A stroke can cause lasting brain damage, long-term disability, or even death. To work properly, your brain needs oxygen.
Your arteries deliver oxygen-rich blood to all parts of your brain. If something happens to block the flow of blood, brain cells start to die within minutes, because they can’t get oxygen. This causes a stroke.
There are two types of stroke:
- Ischemic stroke – caused by a clot and this is the nature of most strokes
- Hemorrhagic stroke – caused by burst or leaking arteries.
A transient ischemic attack (TIA) is sometimes called a “mini-stroke.” It is a warning sign of a future stroke because blood flow to the brain is blocked for only a short time—usually no more than 5 minutes.
What are the Symptoms of a Stroke? – Acute Ischemic Stroke
Acute ischemic stroke patients require time-critical treatment, so rapid identification of stroke symptoms and a quick reaction time are critical.
The FAST technique is popular for identifying acute stroke symptoms.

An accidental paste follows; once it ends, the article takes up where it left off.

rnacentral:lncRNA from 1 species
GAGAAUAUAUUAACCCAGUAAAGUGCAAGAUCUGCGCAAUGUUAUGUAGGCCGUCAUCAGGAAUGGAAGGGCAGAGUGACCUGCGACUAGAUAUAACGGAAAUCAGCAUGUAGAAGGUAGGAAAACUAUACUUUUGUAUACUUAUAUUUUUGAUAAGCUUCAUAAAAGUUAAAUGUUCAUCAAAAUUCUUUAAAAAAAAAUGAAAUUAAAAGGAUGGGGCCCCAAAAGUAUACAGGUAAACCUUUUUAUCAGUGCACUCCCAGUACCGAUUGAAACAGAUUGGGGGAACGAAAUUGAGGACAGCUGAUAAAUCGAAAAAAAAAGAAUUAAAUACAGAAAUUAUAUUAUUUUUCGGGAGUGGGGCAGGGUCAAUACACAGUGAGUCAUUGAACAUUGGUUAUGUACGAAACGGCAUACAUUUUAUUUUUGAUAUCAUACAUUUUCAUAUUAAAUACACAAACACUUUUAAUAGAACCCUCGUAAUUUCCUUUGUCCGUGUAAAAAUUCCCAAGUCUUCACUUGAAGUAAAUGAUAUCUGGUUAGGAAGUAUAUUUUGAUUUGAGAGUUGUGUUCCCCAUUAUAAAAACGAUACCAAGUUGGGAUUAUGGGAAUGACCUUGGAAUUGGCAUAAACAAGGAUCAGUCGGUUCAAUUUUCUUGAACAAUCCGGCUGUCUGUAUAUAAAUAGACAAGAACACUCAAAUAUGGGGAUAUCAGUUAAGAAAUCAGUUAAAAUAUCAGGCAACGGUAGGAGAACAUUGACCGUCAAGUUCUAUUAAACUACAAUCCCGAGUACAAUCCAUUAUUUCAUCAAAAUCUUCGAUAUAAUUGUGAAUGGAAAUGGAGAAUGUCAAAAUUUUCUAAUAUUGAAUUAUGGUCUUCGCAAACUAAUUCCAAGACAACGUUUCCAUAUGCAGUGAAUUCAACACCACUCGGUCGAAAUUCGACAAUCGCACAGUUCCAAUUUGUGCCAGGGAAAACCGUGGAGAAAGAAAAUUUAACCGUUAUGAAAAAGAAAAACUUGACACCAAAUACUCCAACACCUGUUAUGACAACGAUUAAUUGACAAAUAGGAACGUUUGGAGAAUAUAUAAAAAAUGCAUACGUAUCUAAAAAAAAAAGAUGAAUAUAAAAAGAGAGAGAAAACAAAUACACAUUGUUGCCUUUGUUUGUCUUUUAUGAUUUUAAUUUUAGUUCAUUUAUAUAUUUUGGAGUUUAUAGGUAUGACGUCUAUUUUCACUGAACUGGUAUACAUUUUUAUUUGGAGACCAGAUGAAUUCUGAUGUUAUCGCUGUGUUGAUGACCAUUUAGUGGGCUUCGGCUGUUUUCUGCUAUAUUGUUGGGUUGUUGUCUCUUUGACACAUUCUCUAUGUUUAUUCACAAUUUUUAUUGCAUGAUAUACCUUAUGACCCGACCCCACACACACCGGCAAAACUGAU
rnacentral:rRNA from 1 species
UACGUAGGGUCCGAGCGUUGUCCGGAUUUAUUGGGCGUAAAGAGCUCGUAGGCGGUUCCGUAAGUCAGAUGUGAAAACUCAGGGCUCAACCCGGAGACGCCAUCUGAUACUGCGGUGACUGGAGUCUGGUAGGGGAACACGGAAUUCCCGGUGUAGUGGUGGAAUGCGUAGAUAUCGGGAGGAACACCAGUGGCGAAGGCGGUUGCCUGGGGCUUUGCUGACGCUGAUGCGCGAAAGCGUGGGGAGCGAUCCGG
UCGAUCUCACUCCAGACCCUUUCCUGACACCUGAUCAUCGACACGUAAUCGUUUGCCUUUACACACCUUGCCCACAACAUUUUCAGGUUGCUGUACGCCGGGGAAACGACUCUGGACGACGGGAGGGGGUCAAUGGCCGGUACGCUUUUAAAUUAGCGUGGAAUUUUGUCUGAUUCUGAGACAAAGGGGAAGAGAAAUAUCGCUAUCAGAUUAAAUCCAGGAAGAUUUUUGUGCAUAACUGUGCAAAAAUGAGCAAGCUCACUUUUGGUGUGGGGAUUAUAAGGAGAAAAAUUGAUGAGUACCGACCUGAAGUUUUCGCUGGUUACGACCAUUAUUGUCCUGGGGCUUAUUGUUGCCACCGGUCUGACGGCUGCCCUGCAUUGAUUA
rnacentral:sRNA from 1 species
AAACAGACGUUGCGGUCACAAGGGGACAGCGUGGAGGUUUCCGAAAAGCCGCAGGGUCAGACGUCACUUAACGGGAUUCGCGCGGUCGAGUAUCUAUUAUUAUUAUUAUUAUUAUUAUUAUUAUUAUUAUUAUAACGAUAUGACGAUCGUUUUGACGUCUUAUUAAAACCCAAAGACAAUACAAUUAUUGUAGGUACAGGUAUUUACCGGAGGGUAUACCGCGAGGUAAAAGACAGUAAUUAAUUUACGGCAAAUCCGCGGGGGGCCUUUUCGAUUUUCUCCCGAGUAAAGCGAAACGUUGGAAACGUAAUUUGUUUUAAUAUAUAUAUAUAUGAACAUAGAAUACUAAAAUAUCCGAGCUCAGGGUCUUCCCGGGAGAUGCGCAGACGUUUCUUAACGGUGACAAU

FAST stands for Face drooping, Arm weakness, Speech difficulty, Time to call emergency.
When looking for stroke signs, asymmetry is important.
FACE: Facial weakness due to acute stroke will cause one side of the face to droop and often, the smile is uneven or lopsided, or the person may be drooling from one side of the mouth.
ARM: When asked to raise both arms, if only one arm is mobile, or one arm is weaker, numb or drifting downward, a stroke may be suspected.
SPEECH: Slurred or incoherent speech and or the inability to understand or repeat simple sentences are usually a sign of stroke.